Columbus man killed in head-on crash with Park County sheriff's deputy

By: 
Marlo Pronovost
Monday, April 8, 2019

Montana Department of Corrections photo

   Schawn M. Schmitz

The Columbus area man killed in a head-on collision with a Park County Sheriff’s deputy Friday night near Livingston was a multi-state convicted felon on probation in Stillwater County.

Schawn Michael Schmitz, 53, was pronounced dead at the scene of the crash on Highway 89 around midnight last Friday, April 5. Park County Coroner Al Jenkins identified Schmitz Monday.

Montana Department of Corrections (DOC) Director of Communications Amy Barton confirmed Tuesday morning that Schmitz is in fact probationer Schawn Michael Schmitz, despite the two different spellings of his first name.

Park County Sheriff’s Deputy Brian Elliott-Pearson was airlifted to Billings and as of Sunday, had undergone three surgeries and was listed in stable condition, according to a Face-book post by Park County Sheriff Brad W. Bichler. More surgeries are expected.

Deputy Elliott-Pearson, 61, was awarded a Meritorious Service medal for saving a life in 2015.

Montana Highway Patrol Trooper David Morris is investigating the crash. Sheriff Bichler wrote Sunday that at that point, it appeared as though Schmitz’s car left its lane of travel and collided with Deputy Elliott-Pearson’s patrol car.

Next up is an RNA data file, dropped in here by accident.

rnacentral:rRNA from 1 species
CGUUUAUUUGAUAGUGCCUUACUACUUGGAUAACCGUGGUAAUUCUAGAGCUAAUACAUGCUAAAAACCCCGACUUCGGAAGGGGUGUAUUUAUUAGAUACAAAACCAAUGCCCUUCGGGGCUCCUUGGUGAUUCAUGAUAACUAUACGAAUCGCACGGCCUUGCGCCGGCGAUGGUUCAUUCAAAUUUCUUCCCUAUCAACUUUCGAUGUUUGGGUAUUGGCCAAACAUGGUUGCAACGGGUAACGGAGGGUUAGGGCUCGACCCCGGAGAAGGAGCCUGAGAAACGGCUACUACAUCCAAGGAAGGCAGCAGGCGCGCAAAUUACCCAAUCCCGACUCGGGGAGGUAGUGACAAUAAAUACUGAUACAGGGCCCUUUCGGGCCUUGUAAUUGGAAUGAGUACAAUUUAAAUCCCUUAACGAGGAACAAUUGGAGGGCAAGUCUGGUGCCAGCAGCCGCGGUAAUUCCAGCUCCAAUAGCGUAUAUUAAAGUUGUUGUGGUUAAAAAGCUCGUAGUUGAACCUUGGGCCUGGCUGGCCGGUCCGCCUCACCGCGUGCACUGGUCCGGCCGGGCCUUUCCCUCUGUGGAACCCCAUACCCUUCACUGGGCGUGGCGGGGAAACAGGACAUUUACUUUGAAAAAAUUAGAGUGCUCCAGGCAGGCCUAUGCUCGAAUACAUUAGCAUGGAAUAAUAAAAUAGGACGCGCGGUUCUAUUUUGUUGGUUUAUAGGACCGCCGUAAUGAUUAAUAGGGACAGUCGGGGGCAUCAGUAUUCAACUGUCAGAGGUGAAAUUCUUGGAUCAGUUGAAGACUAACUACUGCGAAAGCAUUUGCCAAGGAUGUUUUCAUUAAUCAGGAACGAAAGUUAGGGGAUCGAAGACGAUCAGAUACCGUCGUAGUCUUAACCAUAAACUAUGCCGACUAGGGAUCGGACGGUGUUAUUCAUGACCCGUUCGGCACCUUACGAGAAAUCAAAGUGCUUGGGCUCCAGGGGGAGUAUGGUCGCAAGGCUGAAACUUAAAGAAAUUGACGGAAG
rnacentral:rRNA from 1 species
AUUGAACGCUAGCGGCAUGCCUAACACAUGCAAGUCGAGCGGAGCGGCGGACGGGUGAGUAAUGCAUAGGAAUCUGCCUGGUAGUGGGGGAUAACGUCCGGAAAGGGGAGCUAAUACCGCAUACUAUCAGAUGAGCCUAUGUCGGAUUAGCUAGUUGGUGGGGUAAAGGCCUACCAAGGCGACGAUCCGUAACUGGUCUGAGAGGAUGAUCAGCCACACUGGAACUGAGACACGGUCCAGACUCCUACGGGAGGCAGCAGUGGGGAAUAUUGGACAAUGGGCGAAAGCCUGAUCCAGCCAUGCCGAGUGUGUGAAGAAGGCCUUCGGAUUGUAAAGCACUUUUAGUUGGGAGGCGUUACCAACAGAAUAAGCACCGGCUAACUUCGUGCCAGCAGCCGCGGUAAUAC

Further information was not available as of Wednesday morning.

MULTI-STATE FELON

Schmitz was a convicted felon currently on probation from a 2015 felony criminal endangerment case in Still-water County. That case involved him grabbing his wife by the throat, throwing her to the ground, sitting on her chest and using both hands to strangle her following an argument, according to court documents and statements made at court hearings.

The couple’s dogs also attacked the wife as she was trying to fight Schmitz off, biting her on the leg and trying to bite her face. Schmitz took the dogs outside and later, when he went to check on the animals, the wife was able to call 911. She hid in a closet until deputies arrived.

Schmitz was initially charged with aggravated assault, but that was amended to criminal endangerment.

Under the terms of a plea agreement, the Stillwater County Attorney’s Office recommended a 3-year sentence to the Montana Department of Corrections (DOC). However, the DOC probation officer who prepared the sentencing background report recommended a 10-year sentence to the Montana State Prison, based on a “long history of a lot of violence and drug use” that included multiple felonies in different states, according to testimony at the sentencing hearing.

District Judge Blair Jones split the difference, imposing a 10-year DOC sentence with five years suspended, noting the criminal history and the fact that the judge was not convinced the underlying problems had been addressed, which put others at risk.

A FATHER

Schmitz was also remembered by his son as a good father who on at least one occasion, had save his life. The son also told the News that while his father had been in trouble in the past, he was getting his life turned around and was a working, productive citizen.

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